Monday, 22 May 2000
Perlstein Auditorium [33rd & State, NW Corner]
for a discussion about
The Essential Transition from 19th to 21st
High School Science Education
buffet supper 6 pm
discussion 7 pm
RSVP to (312) 567-8820 or email@example.com
OUR NEXT MEETING...
...will be the start of the Fall semester on September 5, Tuesday.
You will receive a reminder in the mail. You may already have
Bill Colson (Morgan Park HS)
handed out an article from the Chicago Reader, from the pages of the Mad Scientist, Spring, 1999, Zine-O-File, and an excerpt from Science Runs Amok? Time Travel - A Medical Nightmare? by Robert Vanderwoude. It points out the biological consequences of time travel, among them being that the antibiotic resistant microbes in time travelers of today could be transferred to people of, say, the 1950s. Also, an article "How Big Are the Planets," Parade Magazine, April 30, 2000, Marilyn Vos Savant -- giving an idea of scale. Use and Keep these in your file!
Fred Schaal (Lane Tech HS)
did the Law of Sines with us as an exploration by hand-held calculator. He drew a triangle on the board and identified its three angles as A,B,C, and the lengths of the sides opposite as a,b,c, as shown:
Choosing values for A, and keeping c and B fixed but letting the side a increase with A, he obtained the following table of values, which he wrote on the board:
|A||a / sin A|
Triangles were actually drawn for the various values of A, and a was then measured, and the above ratios were calculated based on these experimental measurements. Fred noted that the ratio does not change much, and wondered at this.
Fred set up the calculation of the curve for x(T), y(T), where
He displayed the result as a set of points with the aid of a TI graphing calculator, a transparency projector and LCD display. The graph looked like a roll of carpeting viewed end-on, a kind of spiral around the origin. Most interesting! A good example of how to connect the abstract to the concrete so as to make math "real" for students!
Bill Lilly (Kenwood HS)
gave us a handout titled "Pendulum," which was a lab exercise. Using a TI CBR Sonic Ranger, high frequency sound from the Ranger was reflected from a swinging balloon [held on the end of string by Pearline Scott (Franklin School)]. The output from Ranger (for 10 s) was stored in the calculator and shown on the projector screen as a graph with the aid of Fred Schaal's LCD display. It looked like a sine wave, and Bill described how students could analyze the data for frequency, effect of shortening string, lengthening string, amplitude effects, velocity minima and maxima with position, etc. Another beautiful example of concrete/abstract connections!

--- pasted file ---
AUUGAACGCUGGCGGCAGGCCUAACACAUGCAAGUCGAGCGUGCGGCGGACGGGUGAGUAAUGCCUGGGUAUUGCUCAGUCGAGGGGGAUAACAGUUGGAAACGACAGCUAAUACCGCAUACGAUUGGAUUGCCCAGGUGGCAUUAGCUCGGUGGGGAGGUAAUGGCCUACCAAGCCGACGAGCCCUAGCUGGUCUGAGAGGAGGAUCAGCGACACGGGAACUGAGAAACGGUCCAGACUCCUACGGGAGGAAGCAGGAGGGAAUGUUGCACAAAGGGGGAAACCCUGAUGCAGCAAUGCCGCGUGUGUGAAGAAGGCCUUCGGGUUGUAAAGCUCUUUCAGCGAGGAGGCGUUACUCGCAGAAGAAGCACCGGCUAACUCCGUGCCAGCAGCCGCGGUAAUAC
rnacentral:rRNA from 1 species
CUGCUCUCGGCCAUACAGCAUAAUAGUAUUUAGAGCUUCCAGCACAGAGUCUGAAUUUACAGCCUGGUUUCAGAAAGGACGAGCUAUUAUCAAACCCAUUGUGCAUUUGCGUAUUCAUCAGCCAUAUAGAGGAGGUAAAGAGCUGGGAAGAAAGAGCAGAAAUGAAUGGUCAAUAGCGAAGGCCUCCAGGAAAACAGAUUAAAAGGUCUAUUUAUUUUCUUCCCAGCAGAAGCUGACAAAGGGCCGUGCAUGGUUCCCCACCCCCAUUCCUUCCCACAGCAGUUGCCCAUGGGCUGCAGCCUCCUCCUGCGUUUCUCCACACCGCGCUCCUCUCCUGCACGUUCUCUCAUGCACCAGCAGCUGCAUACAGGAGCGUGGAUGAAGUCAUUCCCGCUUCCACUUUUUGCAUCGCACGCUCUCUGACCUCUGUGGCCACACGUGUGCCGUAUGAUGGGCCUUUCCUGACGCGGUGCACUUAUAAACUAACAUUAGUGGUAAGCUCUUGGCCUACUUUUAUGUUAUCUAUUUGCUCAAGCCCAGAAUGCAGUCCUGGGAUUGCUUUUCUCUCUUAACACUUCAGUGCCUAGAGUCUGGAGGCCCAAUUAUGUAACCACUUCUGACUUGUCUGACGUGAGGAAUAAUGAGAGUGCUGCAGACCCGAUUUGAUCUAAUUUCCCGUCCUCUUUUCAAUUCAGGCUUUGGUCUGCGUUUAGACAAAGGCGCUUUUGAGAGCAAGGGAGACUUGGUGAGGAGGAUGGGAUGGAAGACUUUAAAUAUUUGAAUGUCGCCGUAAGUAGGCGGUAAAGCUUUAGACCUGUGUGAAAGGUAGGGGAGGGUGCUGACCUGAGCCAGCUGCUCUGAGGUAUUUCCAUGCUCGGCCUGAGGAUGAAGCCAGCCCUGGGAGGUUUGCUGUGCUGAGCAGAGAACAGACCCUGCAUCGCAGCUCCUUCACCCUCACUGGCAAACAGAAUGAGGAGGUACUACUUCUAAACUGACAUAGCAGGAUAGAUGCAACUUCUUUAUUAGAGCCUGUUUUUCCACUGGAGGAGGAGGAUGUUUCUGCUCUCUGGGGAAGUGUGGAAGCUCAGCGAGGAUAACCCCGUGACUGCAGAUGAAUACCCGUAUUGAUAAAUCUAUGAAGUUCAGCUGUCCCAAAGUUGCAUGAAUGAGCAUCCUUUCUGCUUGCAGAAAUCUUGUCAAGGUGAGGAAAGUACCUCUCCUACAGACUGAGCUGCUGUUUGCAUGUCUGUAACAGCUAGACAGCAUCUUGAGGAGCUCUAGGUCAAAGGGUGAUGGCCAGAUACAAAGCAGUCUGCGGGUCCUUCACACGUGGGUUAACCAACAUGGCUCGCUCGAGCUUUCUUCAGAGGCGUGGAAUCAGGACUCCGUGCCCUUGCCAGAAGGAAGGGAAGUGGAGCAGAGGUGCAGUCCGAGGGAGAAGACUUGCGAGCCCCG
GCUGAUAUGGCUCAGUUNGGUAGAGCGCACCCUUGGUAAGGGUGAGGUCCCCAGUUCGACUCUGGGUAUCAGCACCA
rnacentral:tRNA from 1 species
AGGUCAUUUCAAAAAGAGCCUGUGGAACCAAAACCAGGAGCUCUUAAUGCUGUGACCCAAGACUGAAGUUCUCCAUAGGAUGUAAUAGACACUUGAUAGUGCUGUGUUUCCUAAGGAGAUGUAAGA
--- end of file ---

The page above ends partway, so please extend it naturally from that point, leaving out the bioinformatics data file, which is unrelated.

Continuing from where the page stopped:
Roy Coleman (Morgan Park HS)
held up the power line cable that Earl Zwicker had discussed with us last meeting, and then he described a house wiring problem that he was involved with that had occurred many years ago. Strange things happened: The dog would do a flying leap over the threshold when coming back into the house, which necessitated his continuing on down the basement stairs, then back upstairs to get in. Why? When some lights were turned on, other lights would become dim. Why? A water pipe in the basement corroded and had to be replaced, and the problems became worsened. An electrician called in to find the problem gave up after 2-3 hours, shaking his head, and never sent a bill. Roy drew a circuit diagram on the board showing a stepdown power transformer and the low-voltage secondary with center-tap to ground and its + and - 120 VAC ends going to serve the house power. What they finally discovered could be seen only from a second-story bedroom window. The ground wire from the secondary of the stepdown transformer passed through a tree next to the house, and it had broken. Thus, the entire house wiring was "floating" with respect to ground, and any connections to the grounded power transformer primary were being made through grounded water pipes, etc. Com Ed was called, and they got out there and fixed it in record time once the problem and its consequences were made clear. Most interesting!
Bill Blunk (Joliet Central HS)